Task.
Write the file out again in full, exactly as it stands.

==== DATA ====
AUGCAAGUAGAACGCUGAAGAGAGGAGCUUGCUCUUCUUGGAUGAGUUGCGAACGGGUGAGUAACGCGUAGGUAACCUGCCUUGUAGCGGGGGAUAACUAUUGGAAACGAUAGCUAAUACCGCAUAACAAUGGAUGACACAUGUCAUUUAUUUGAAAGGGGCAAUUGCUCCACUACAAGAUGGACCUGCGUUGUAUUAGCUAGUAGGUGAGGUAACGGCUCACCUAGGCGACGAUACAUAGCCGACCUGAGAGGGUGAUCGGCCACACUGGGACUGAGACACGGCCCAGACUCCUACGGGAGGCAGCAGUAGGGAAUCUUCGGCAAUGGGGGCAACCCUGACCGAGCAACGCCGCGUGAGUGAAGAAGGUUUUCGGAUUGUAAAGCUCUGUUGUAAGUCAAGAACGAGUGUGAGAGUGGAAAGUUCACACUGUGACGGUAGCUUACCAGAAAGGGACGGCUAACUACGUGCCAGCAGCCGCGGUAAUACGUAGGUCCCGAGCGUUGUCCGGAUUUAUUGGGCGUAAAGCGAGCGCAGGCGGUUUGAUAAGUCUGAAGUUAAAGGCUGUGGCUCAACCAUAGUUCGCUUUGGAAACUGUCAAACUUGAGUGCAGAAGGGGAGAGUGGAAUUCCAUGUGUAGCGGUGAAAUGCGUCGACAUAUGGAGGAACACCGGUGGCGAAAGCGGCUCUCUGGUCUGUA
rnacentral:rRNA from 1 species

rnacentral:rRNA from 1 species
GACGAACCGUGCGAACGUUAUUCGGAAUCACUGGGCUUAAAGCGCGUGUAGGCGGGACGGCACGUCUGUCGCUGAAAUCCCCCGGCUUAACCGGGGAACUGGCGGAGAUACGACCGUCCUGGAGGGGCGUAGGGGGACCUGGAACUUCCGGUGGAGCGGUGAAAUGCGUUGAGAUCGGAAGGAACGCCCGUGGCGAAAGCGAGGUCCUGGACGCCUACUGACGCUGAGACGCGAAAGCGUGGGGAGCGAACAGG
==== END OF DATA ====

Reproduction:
AUGCAAGUAGAACGCUGAAGAGAGGAGCUUGCUCUUCUUGGAUGAGUUGCGAACGGGUGAGUAACGCGUAGGUAACCUGCCUUGUAGCGGGGGAUAACUAUUGGAAACGAUAGCUAAUACCGCAUAACAAUGGAUGACACAUGUCAUUUAUUUGAAAGGGGCAAUUGCUCCACUACAAGAUGGACCUGCGUUGUAUUAGCUAGUAGGUGAGGUAACGGCUCACCUAGGCGACGAUACAUAGCCGACCUGAGAGGGUGAUCGGCCACACUGGGACUGAGACACGGCCCAGACUCCUACGGGAGGCAGCAGUAGGGAAUCUUCGGCAAUGGGGGCAACCCUGACCGAGCAACGCCGCGUGAGUGAAGAAGGUUUUCGGAUUGUAAAGCUCUGUUGUAAGUCAAGAACGAGUGUGAGAGUGGAAAGUUCACACUGUGACGGUAGCUUACCAGAAAGGGACGGCUAACUACGUGCCAGCAGCCGCGGUAAUACGUAGGUCCCGAGCGUUGUCCGGAUUUAUUGGGCGUAAAGCGAGCGCAGGCGGUUUGAUAAGUCUGAAGUUAAAGGCUGUGGCUCAACCAUAGUUCGCUUUGGAAACUGUCAAACUUGAGUGCAGAAGGGGAGAGUGGAAUUCCAUGUGUAGCGGUGAAAUGCGUCGACAUAUGGAGGAACACCGGUGGCGAAAGCGGCUCUCUGGUCUGUA
rnacentral:rRNA from 1 species

rnacentral:rRNA from 1 species
GACGAACCGUGCGAACGUUAUUCGGAAUCACUGGGCUUAAAGCGCGUGUAGGCGGGACGGCACGUCUGUCGCUGAAAUCCCCCGGCUUAACCGGGGAACUGGCGGAGAUACGACCGUCCUGGAGGGGCGUAGGGGGACCUGGAACUUCCGGUGGAGCGGUGAAAUGCGUUGAGAUCGGAAGGAACGCCCGUGGCGAAAGCGAGGUCCUGGACGCCUACUGACGCUGAGACGCGAAAGCGUGGGGAGCGAACAGG